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Watson Cam
Dr Watson reviews his tab at the Hound and Ferret

Dr Watson reviews his tab at the Hound and Ferret

Posts Tagged ‘railway journeys’

My Great Railway Journeys No.3

1 – Stolen Moments – During the hot Summer of 1888 I fell asleep on the mainline route to Sussex and when I awoke I discovered my wife’s wedding ring had been stolen. ¬†I accused everyone on the train of the theft and made all passengers¬†turn ¬†out their pockets and lift their hats. ¬†It was then that I realised I wasn’t even travelling with my wife and indeed hadn’t been married to her for over five years, while the wedding ring was last seen floating down the Thames towards Staines. Everyone took the news very well, showing remarkable sympathy for my situation, and I have to say that the fifty mile walk back via the Sussex Downs really made me appreciate the beauty of nature – and the virtues of staying awake.

2 –¬†Fond Goodbyes –¬†I once waved off a client on the 5.15 from Paddington and was taken aback by their enthusiasm to keep on waving for the first half-mile of the journey, causing me to trot alongside and return the favour for fear of appearing rude. ¬†Unbeknown to me however the poor girl was actually being strangled by one of Moriarty’s men and she was never seen again. The whole¬†sorry affair¬†taught me an important lesson that day – I now send our clients to the train station in a cab.

 

The Staines Swimming Club formed this day in 1897 in an attempt to salvage my wife's wedding ring from the Thames.  The club is still going strong, unlike Mrs Watson number 3.

The Staines Swimming Club formed this day in 1883 in an attempt to salvage my wife’s wedding ring from the Thames. The club is still going strong and always on the lookout for strapping young men –¬†¬†much like Mrs Watson number 3.

 

 

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My Great Railway Journeys No.2

1 – Double¬†Jeopardy –¬†¬†I once endured two high-speed pursuits through a twelve-carriage train on the same day. The first one involved Holmes and myself, accompanied by a band of hardy police officers, chasing down the man believed to be the notorious Farnham Fingersmith.¬† However, after capturing the criminal, Holmes refused to answer any questions about the investigation unless he could do so in Latin – whereupon the two of us were chased back through the train by the band of officers angered further by Holmes repeating the phrase ‚ÄúI know a secret you don‚Äôt know.‚ÄĚ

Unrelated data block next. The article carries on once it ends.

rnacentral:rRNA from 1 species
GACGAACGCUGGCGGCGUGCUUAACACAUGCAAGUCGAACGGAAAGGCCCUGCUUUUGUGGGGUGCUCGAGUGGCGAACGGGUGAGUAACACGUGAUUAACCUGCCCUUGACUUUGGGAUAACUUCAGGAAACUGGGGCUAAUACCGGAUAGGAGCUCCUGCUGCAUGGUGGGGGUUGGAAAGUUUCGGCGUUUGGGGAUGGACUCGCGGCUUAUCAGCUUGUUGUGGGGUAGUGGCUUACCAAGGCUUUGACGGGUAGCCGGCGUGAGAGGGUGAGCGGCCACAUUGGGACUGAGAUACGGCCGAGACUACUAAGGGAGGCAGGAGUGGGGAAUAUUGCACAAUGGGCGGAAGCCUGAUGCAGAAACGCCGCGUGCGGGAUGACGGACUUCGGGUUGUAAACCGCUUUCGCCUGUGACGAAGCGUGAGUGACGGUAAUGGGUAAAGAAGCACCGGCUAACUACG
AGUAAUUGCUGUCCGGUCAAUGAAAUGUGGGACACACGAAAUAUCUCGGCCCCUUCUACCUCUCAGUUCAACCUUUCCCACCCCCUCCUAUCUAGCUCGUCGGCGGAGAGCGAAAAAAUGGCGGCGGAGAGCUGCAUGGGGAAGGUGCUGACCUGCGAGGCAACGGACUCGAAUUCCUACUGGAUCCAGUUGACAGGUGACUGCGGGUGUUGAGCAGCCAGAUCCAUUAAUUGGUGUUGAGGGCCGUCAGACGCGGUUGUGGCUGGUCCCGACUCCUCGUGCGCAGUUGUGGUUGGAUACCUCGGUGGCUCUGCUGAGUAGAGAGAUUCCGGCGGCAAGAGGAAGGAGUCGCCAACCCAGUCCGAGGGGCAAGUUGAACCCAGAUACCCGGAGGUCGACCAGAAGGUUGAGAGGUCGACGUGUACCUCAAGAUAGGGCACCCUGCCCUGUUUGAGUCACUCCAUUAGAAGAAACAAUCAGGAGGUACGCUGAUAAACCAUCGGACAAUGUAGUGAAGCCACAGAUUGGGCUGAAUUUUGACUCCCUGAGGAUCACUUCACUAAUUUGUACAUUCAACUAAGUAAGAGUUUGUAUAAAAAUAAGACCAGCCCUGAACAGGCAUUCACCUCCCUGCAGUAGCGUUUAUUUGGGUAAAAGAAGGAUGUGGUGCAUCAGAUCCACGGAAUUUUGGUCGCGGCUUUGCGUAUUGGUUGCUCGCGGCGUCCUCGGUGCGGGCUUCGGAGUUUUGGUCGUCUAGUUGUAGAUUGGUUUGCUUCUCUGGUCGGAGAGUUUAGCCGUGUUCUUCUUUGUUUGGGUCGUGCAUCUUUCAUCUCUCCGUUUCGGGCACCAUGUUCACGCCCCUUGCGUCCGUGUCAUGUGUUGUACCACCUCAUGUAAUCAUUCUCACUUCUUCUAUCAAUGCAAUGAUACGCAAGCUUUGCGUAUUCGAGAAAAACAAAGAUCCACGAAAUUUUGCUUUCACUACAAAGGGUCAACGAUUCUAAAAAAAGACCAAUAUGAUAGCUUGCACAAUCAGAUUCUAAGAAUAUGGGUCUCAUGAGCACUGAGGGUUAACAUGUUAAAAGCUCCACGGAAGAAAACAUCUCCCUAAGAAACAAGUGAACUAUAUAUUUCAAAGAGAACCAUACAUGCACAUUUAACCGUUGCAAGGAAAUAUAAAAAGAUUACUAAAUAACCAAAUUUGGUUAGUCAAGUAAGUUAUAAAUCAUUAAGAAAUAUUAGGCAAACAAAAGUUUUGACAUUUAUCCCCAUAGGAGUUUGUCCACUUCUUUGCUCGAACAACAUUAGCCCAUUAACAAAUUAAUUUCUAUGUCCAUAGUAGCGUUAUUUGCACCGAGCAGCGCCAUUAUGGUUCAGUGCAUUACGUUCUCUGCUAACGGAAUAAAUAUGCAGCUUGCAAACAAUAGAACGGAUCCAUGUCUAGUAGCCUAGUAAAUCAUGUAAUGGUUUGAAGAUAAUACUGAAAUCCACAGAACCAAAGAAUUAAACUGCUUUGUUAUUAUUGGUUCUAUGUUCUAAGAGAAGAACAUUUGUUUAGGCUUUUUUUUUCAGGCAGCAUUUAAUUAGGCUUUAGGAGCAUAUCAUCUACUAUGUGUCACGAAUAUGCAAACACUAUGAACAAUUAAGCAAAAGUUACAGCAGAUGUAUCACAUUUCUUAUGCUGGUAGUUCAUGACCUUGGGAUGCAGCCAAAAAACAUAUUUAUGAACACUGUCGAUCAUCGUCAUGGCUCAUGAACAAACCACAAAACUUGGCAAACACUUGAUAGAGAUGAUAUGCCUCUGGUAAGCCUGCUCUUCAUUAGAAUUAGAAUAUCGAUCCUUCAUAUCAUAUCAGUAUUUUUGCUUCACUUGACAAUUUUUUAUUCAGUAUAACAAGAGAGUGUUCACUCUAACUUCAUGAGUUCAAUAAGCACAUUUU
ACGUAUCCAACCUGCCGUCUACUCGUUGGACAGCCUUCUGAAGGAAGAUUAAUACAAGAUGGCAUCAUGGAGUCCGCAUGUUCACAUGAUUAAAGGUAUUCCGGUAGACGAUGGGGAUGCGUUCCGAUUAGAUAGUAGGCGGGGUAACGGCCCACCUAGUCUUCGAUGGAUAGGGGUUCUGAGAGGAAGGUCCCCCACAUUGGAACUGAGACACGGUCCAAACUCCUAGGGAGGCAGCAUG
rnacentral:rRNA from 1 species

2 – Death on the Line –¬†I once had the misfortune of sharing a compartment with a murder victim for the entire length of the Great Western Railway. ¬†This wasn’t quite as grisly as you might imagine as I only realised he was¬†dead after serveral hours. ¬†Up to that point¬†he¬†had been¬†the model travel companion and¬†was the most¬†attentive¬†audience for my anecdote about the giant rat of Sumatra.

3 –¬†Points of Interest – The trip to Bucharest was one of highs and lows. ¬†On the downside, a dozen people were injured in a derailment at Innsbruck while a further¬†ten¬†passengers were hospitalised after coming under fire from a¬†criminal gang¬†who boarded the train at¬†Verona. ¬†On the plus side, there was plenty of room in the buffet car….

Holmes identified a number of points of interest - this was not one of them.

Holmes identified a number of points of interest – this was not one of them.

 

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My Great Railway Journeys No.1

1-¬†The Bruce Forsyth Plans –¬†Holmes once tasked me with transporting a set of highly-sensitive documents to a secret location which, on inspecting my tickets, turned out to be East Croydon. I took every precaution, travelling under the pseudonym, Barry Peaseman, and keeping my service revolver tucked into my sock. Unfortunately I was so intent on practising the phrase “my name is Barry Peaseman” that I left my doctor’s case containing the plans (and a ham sandwich) on the platform as the train departed. Holmes never again trusted me with such a mission despite the contents of the case being safely recovered with only minor omissions ‚Äď notably the lack of ham in my sandwich.

2 –¬†The Art of Misdirection – Inspired by one of Holmes’ monographs, I used several of his persuasive techniques to travel all the way to Switzerland using just a pair of opera tickets. Sadly, the reverse was not to prove successful and I was forcibly ejected from La Boheme for attempting entry with a single to Southend.

The undercover surveillance of Professor Moriarty is compromised as we are forced to sit next to him on the Rail Replacement Bus Service at Penge.

The undercover surveillance of Professor Moriarty is compromised as we are forced to sit next to him on the Rail Replacement Bus Service at Penge.

 

 

 

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